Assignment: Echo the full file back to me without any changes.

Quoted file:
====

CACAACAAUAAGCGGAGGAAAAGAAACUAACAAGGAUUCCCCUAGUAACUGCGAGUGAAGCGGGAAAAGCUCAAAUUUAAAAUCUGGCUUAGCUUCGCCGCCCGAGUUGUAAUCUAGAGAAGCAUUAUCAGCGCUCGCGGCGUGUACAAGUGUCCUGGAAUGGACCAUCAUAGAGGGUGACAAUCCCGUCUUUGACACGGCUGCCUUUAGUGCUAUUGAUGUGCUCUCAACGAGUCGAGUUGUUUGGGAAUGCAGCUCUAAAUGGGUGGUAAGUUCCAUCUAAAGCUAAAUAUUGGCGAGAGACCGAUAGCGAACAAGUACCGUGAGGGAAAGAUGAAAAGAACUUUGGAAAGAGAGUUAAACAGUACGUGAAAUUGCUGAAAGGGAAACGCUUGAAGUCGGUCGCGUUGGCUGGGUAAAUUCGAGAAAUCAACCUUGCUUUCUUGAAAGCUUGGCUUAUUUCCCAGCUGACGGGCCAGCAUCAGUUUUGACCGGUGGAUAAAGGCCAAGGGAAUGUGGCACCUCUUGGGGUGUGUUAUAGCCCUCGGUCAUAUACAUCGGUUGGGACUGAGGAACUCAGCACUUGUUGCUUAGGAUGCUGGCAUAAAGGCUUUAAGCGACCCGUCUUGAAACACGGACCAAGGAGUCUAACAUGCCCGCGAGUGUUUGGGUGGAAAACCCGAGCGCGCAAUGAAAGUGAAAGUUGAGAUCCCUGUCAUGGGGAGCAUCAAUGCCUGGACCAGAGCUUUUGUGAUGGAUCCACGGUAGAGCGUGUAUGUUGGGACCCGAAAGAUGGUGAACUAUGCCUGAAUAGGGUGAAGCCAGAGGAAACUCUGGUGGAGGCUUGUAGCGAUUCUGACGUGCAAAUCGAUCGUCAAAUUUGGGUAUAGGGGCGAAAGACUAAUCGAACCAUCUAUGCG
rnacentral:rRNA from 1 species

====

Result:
CACAACAAUAAGCGGAGGAAAAGAAACUAACAAGGAUUCCCCUAGUAACUGCGAGUGAAGCGGGAAAAGCUCAAAUUUAAAAUCUGGCUUAGCUUCGCCGCCCGAGUUGUAAUCUAGAGAAGCAUUAUCAGCGCUCGCGGCGUGUACAAGUGUCCUGGAAUGGACCAUCAUAGAGGGUGACAAUCCCGUCUUUGACACGGCUGCCUUUAGUGCUAUUGAUGUGCUCUCAACGAGUCGAGUUGUUUGGGAAUGCAGCUCUAAAUGGGUGGUAAGUUCCAUCUAAAGCUAAAUAUUGGCGAGAGACCGAUAGCGAACAAGUACCGUGAGGGAAAGAUGAAAAGAACUUUGGAAAGAGAGUUAAACAGUACGUGAAAUUGCUGAAAGGGAAACGCUUGAAGUCGGUCGCGUUGGCUGGGUAAAUUCGAGAAAUCAACCUUGCUUUCUUGAAAGCUUGGCUUAUUUCCCAGCUGACGGGCCAGCAUCAGUUUUGACCGGUGGAUAAAGGCCAAGGGAAUGUGGCACCUCUUGGGGUGUGUUAUAGCCCUCGGUCAUAUACAUCGGUUGGGACUGAGGAACUCAGCACUUGUUGCUUAGGAUGCUGGCAUAAAGGCUUUAAGCGACCCGUCUUGAAACACGGACCAAGGAGUCUAACAUGCCCGCGAGUGUUUGGGUGGAAAACCCGAGCGCGCAAUGAAAGUGAAAGUUGAGAUCCCUGUCAUGGGGAGCAUCAAUGCCUGGACCAGAGCUUUUGUGAUGGAUCCACGGUAGAGCGUGUAUGUUGGGACCCGAAAGAUGGUGAACUAUGCCUGAAUAGGGUGAAGCCAGAGGAAACUCUGGUGGAGGCUUGUAGCGAUUCUGACGUGCAAAUCGAUCGUCAAAUUUGGGUAUAGGGGCGAAAGACUAAUCGAACCAUCUAUGCG
rnacentral:rRNA from 1 species